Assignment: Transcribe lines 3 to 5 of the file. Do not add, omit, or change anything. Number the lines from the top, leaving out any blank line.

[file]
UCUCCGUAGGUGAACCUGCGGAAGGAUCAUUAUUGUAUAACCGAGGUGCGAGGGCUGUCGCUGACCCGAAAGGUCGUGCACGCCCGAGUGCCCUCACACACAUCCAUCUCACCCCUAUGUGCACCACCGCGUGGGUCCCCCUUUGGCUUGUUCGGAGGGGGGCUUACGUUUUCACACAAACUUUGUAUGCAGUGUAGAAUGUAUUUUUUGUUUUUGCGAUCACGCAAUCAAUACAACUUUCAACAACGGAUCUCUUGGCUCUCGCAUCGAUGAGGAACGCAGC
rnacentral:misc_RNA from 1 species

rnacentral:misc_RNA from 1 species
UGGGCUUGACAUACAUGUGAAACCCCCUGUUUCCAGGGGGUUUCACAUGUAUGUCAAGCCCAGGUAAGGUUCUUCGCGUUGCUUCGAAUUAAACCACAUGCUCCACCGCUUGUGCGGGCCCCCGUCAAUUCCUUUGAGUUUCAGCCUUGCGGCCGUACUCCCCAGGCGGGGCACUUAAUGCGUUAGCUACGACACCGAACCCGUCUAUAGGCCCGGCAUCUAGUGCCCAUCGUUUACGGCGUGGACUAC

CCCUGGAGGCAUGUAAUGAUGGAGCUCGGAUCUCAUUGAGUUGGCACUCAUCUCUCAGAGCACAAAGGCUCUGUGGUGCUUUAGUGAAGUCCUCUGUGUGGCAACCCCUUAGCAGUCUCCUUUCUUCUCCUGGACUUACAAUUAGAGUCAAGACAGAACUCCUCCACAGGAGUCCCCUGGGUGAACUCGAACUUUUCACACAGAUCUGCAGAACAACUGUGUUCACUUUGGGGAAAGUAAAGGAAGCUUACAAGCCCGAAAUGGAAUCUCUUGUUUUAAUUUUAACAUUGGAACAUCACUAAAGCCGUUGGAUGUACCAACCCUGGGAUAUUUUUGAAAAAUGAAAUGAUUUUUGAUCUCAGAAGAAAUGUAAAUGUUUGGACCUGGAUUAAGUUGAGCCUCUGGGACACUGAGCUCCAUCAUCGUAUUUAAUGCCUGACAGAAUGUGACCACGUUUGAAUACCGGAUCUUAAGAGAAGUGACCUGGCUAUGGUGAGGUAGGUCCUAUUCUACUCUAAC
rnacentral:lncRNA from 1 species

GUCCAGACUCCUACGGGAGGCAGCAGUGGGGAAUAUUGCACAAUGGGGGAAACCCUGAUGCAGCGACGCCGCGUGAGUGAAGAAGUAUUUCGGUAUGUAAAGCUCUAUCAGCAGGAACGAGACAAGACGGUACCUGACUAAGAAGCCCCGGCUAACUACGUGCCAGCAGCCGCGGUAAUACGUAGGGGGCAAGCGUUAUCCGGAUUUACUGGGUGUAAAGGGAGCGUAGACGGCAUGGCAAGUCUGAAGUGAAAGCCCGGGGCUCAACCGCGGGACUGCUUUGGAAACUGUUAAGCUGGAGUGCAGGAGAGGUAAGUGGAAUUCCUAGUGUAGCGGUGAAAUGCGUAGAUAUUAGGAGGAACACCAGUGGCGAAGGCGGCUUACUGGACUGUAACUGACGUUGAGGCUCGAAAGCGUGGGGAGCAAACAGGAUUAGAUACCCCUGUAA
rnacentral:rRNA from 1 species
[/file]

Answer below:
rnacentral:misc_RNA from 1 species
UGGGCUUGACAUACAUGUGAAACCCCCUGUUUCCAGGGGGUUUCACAUGUAUGUCAAGCCCAGGUAAGGUUCUUCGCGUUGCUUCGAAUUAAACCACAUGCUCCACCGCUUGUGCGGGCCCCCGUCAAUUCCUUUGAGUUUCAGCCUUGCGGCCGUACUCCCCAGGCGGGGCACUUAAUGCGUUAGCUACGACACCGAACCCGUCUAUAGGCCCGGCAUCUAGUGCCCAUCGUUUACGGCGUGGACUAC

CCCUGGAGGCAUGUAAUGAUGGAGCUCGGAUCUCAUUGAGUUGGCACUCAUCUCUCAGAGCACAAAGGCUCUGUGGUGCUUUAGUGAAGUCCUCUGUGUGGCAACCCCUUAGCAGUCUCCUUUCUUCUCCUGGACUUACAAUUAGAGUCAAGACAGAACUCCUCCACAGGAGUCCCCUGGGUGAACUCGAACUUUUCACACAGAUCUGCAGAACAACUGUGUUCACUUUGGGGAAAGUAAAGGAAGCUUACAAGCCCGAAAUGGAAUCUCUUGUUUUAAUUUUAACAUUGGAACAUCACUAAAGCCGUUGGAUGUACCAACCCUGGGAUAUUUUUGAAAAAUGAAAUGAUUUUUGAUCUCAGAAGAAAUGUAAAUGUUUGGACCUGGAUUAAGUUGAGCCUCUGGGACACUGAGCUCCAUCAUCGUAUUUAAUGCCUGACAGAAUGUGACCACGUUUGAAUACCGGAUCUUAAGAGAAGUGACCUGGCUAUGGUGAGGUAGGUCCUAUUCUACUCUAAC